Monopotassium Phosphate, Pure
Potassium dihydrogenphosphate, Potassium phosphate monobasic, Phosphoric acid, Monopotassium salt, Potassium biphosphate
CAS Number 7778-77-0
EC Number 231-913-4
E number E340
Chemical formula KH2PO4
Solubility in water 226g/l (20 °C)
20g KH2PO4+ 500ml water, 1ml solution per 100 l of tank water yields a concentration of 0.28 P and 0.1 K ppm
10g KH2PO4+ 500ml water, 1ml solution per 100 l of tank water yields a concentration of 0.14 P and 0.04 K ppm
5g KH2PO4+ 500ml water, 1ml solution will per 100 l of tank water yields a concentration of 0.07ppm P and 0.02 K ppm
90g KH2PO4 should last for about 350 days OR MORE (for a 100L aquarium). Also, please remember that KNO3 and KH2PO4 also contain potassium.
Store in dark place, in room temperature.
In order to measure the required amount you can either use a scale, a measuring jug (with milliliters), a teaspoon or a tablespoon. If you want to use spoons, it is important that you use the same spoon for all of your mixtures. The size of the spoon is not that important – it is the maintenance of the proportions of all of the ingredients that matters.
Just to give a rough guide: 1 teaspoon = approximately 5g, 1 tablespoon = approximately 15g.
What also needs to be remembered is that every chemical compound has different maximum solubility in water and that the values given above are accurate for distilled water. The maximum solubility in RO water will be slightly lower; solubility in boiled water will be even lower (if you want to use boiled water, we recommend you to boil it for 3min and than let it drop to room temperature).
It is worth mentioning that saturation of a solution of one salt will decrease the solubility of another salt added to the same solution.
Good To Know
Phosphorus is a macroelement, it makes about 0.2% of a dry plant. Phosphorus is a component of nucleic acid and phospholipids; it plays a key role in cells’ energy processes. Phosphorus is a mobile element, therefore symptoms of its deficiency occur in older leaves first; although other sources suggest the symptoms occur in the whole plant. Plants absorb phosphorus in the form of ions H2PO4(-) i HPO4(2-). The most commonly used sources of phosphorus are: potassium dihydrogen phosphate (KH2PO4) or di-potassium hydrogen phosphate (K2HPO4). The recommended level of phosphorus is 0.5 – 1 ppm; some aquarians believe the perfect level to be approximately 2 ppm. The level needs to be monitored regularly (at least during the first couple of months since the aquarium’s set up). Well-lit aquariums with CO2 injection (even in those with a big fish population) often need phosphorus dosing. The usual dosing is approximately 1 ppm PO4(3-) a week.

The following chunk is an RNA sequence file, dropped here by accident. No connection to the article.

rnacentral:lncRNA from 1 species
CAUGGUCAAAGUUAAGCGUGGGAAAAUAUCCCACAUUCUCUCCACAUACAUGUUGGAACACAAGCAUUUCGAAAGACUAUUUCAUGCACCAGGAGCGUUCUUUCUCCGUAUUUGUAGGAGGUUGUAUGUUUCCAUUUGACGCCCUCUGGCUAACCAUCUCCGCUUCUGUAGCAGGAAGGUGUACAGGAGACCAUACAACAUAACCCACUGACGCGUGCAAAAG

In planted tanks phosphorus deficiency is quite common. Often the only symptom is an impeded growth of the plants (in more severe deficiencies the growth is completely blocked). Another often occurring symptom of phosphorus deficiency is the decrease of the size of the blades. The symptoms usually occur in older leaves, but with time they can spread to the younger plants too. Leaves become dark green, purple-lilac (stems may be affected too) or retain their normal colour. In some cases, the tips of the leaves become brown and wither, sometimes they fall. Blossoming may be also inhibited. Another symptom noticeable in aquariums may be the lack of photosynthesis (no visible bubbles despite of a good level of light and CO2) and increased growth of green algae on leaves and glass.
In planted tanks excess of phosphorus is quite unlikely. Possible symptoms of excess levels of phosphorus may be a microelements deficiency, especially of zinc, copper, iron, manganese and, according to some sources, potassium. Despite of a common view, the excess level of phosphorus (3-5 ppm) does not lead to increased growth of algae.